Home / Chroniques / AI, a weapon against tax fraud
π Economics π Science and technology

AI, a weapon against tax fraud

Christophe Gaie
Christophe Gaie
Head of the Engineering and Digital Innovation Division at the Prime Minister's Office
Key takeaways
  • Tax fraud is a major issue, accounting for between 4% and 15% of the tax gap in various OECD countries.
  • In France, there is a desire to step up the fight against fraud, in particular by using artificial intelligence tools.
  • The CISIRH has developed an operational and theoretical framework for comparing different fraud detection algorithms around the world.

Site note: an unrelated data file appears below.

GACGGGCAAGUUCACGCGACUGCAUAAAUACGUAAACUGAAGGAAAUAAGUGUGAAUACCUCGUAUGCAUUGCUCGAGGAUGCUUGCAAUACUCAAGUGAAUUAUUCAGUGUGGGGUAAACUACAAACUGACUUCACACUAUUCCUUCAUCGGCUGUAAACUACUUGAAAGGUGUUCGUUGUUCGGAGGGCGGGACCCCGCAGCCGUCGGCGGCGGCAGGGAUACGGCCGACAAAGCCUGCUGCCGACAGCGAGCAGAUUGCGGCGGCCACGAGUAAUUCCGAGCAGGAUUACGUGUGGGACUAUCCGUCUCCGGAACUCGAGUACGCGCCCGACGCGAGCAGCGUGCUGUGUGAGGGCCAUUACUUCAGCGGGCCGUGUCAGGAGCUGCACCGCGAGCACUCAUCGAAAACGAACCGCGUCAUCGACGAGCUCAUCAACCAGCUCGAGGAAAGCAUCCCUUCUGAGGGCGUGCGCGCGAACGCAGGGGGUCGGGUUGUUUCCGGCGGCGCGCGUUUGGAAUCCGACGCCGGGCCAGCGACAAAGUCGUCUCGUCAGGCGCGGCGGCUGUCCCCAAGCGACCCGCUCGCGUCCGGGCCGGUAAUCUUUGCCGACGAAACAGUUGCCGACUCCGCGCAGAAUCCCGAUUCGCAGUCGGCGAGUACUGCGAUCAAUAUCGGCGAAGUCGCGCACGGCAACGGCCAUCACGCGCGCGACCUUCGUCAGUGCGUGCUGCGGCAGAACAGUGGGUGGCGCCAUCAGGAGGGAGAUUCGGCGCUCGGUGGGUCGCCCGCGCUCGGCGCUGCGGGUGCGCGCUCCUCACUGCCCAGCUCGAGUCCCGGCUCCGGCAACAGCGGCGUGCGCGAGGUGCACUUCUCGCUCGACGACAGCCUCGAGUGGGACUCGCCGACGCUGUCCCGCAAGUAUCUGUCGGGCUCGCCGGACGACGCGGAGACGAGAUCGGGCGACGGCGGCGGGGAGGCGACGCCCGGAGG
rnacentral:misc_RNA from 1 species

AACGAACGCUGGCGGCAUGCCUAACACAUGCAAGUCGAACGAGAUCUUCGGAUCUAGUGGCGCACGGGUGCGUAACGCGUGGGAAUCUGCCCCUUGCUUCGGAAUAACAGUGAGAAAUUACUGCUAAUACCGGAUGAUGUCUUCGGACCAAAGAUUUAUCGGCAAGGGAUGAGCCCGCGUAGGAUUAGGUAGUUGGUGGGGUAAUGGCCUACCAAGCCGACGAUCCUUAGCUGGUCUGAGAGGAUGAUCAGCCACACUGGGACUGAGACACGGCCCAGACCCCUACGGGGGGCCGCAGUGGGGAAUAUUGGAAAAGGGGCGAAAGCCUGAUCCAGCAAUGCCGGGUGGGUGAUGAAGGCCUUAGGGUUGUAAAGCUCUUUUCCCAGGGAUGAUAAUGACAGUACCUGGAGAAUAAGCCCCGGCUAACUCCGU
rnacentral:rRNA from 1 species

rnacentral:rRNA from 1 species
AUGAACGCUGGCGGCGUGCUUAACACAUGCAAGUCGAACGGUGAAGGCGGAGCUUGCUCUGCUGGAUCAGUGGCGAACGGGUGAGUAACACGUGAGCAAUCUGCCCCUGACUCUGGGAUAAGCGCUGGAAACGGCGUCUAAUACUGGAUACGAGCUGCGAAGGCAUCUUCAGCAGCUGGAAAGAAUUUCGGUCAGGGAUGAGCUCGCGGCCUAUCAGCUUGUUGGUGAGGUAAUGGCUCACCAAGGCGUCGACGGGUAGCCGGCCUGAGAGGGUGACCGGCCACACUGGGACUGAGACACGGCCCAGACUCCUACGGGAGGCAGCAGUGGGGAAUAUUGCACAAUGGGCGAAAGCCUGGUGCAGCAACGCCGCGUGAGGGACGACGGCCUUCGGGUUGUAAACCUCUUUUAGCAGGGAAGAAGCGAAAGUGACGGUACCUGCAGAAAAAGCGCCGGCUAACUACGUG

• To combat tax fraud effectively, AI and algorithms will not be enough; this fight must be part of a collective and human approach.

Detect­ing tax fraud is a major chal­lenge, par­tic­u­lar­ly in the cur­rent con­text of high gov­ern­ment deficits. Fraud accounts for a sig­nif­i­cant pro­por­tion of the tax gap, esti­mat­ed at between 4% and 15% of the sums owed in var­i­ous OECD coun­tries. In France, for exam­ple, VAT fraud alone is esti­mat­ed at €20–25bn1. As a result, the Cour des Comptes has pub­lished numer­ous stud­ies high­light­ing the impor­tance of step­ping up the fight against fraud2. In France, tax fraud is mon­i­tored by the DGFiP, which uses sev­er­al arti­fi­cial intel­li­gence tools that have pro­duced very promis­ing results.